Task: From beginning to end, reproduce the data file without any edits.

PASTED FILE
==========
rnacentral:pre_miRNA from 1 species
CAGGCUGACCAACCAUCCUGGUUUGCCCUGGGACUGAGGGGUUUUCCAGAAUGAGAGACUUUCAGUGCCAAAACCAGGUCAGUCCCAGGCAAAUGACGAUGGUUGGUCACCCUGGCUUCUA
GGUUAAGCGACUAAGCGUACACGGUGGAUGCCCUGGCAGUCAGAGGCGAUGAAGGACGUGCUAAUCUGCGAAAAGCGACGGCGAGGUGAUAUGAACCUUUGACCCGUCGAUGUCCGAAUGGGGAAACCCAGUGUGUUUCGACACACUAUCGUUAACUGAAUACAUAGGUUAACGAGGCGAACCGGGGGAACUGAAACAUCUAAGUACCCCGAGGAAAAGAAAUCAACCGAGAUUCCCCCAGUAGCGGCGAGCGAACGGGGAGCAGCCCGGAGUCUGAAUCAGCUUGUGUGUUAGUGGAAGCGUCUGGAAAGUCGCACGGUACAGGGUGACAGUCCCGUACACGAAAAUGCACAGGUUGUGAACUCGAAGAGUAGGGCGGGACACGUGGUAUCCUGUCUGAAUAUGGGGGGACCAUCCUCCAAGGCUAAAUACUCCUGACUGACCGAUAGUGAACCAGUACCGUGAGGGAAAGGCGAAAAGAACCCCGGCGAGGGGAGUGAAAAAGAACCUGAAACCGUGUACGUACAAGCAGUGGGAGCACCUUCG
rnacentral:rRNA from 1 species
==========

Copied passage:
rnacentral:pre_miRNA from 1 species
CAGGCUGACCAACCAUCCUGGUUUGCCCUGGGACUGAGGGGUUUUCCAGAAUGAGAGACUUUCAGUGCCAAAACCAGGUCAGUCCCAGGCAAAUGACGAUGGUUGGUCACCCUGGCUUCUA
GGUUAAGCGACUAAGCGUACACGGUGGAUGCCCUGGCAGUCAGAGGCGAUGAAGGACGUGCUAAUCUGCGAAAAGCGACGGCGAGGUGAUAUGAACCUUUGACCCGUCGAUGUCCGAAUGGGGAAACCCAGUGUGUUUCGACACACUAUCGUUAACUGAAUACAUAGGUUAACGAGGCGAACCGGGGGAACUGAAACAUCUAAGUACCCCGAGGAAAAGAAAUCAACCGAGAUUCCCCCAGUAGCGGCGAGCGAACGGGGAGCAGCCCGGAGUCUGAAUCAGCUUGUGUGUUAGUGGAAGCGUCUGGAAAGUCGCACGGUACAGGGUGACAGUCCCGUACACGAAAAUGCACAGGUUGUGAACUCGAAGAGUAGGGCGGGACACGUGGUAUCCUGUCUGAAUAUGGGGGGACCAUCCUCCAAGGCUAAAUACUCCUGACUGACCGAUAGUGAACCAGUACCGUGAGGGAAAGGCGAAAAGAACCCCGGCGAGGGGAGUGAAAAAGAACCUGAAACCGUGUACGUACAAGCAGUGGGAGCACCUUCG
rnacentral:rRNA from 1 species